Ten minutes of self reflection could reduce risk of Alzheimer's disease, study suggests
Consciously engaging in just ten minutes of self-reflection a day could reduce the risk of Alzheimer’s disease, a study shows.
Researchers found older people who regularly evaluate their thoughts, feelings and behaviour (kindly and without judgement) had significantly better memory, concentration and problem-solving abilities, known as cognition, and superior brain health to those who didn’t.
The Alzheimer’s Society has given its backing to the study, saying it could pave the way to “one day reduce the risk of dementia with psychological treatments that help people build healthy thought patterns”.
Exactly how self-reflection may reduce the risk of Alzheimer’s and other forms of dementia is unclear, researchers said.
It could be that self-reflection makes people calmer, reducing levels of the stress hormone cortisol in the blood that has previously been linked to cognitive decline. Or it could be that it improves mental health, aiding recovery from depression that is known to increase the risk of dementia.
Either way, the research suggests setting aside as little as ten to 15 minutes a day to quietly reflect on work, relationships, social encounters and other experiences could cut the risk of dementia.
“This is exciting because currently there is no effective prevention for dementia, so identifying other protective factors could be really important for improving the outlook,” said Harriett Demnitz-King, a PhD student at University College London, who jointly led the research.
“Self-reflection is all about stepping back and trying not to be so harsh on yourself – actively evaluating our thoughts, feelings and behaviours.
“So when we’re feeling down or there’s a problem, it’s trying to think about how we can solve it – not getting stuck in these negative thinking styles and thinking of solutions.
“If you wake up in the morning thinking ‘why did I say that, that’s so embarrassing?’ It’s stepping back and saying ‘OK, people probably don’t remember what I said and if they do, it’s not the end of the world. And next time I’ll drink less or I’ll try and avoid that situation happening again’.”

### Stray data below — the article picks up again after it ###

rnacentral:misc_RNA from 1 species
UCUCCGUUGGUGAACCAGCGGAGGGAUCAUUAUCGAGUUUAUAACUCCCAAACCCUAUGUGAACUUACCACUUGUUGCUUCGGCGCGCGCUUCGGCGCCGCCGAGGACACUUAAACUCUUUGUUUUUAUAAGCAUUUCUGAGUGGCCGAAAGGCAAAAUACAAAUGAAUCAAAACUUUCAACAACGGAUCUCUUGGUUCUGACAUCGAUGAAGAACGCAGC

A daily ten to 15 minute self-reflection session is a good way to get into the habit of self-reflection, although the ultimate goal would be to weave the practice into our general thought processes, Ms Demnitz-King suggests.
“The aim would be to try and build self-reflection into our everyday lives, but often we’re not very good at self-reflecting,” she said. “Giving ourselves a set amount of time will help us to become better or more used to the process.”
She says that self-reflection doesn’t always have to be something that’s troubling a person, although human nature dictates that it often will be.
Dr Richard Oakley, associate director of research at Alzheimer’s Society, which part-funded the study, is encouraged by its findings.
“Researchers showed for the first time that self-reflection was linked to better brain function in areas of the brain known to be affected by dementia,” he said.
The study is based on data from two clinical trials involving a total of 259 participants with averages ages of 69 and 73. They answered questions about reflective pondering, measuring how often they think about and try to understand their thoughts and feelings.
The new study is published in the journal Neurology and involved researchers in the UK, France, Germany, Switzerland, Belgium and Spain.
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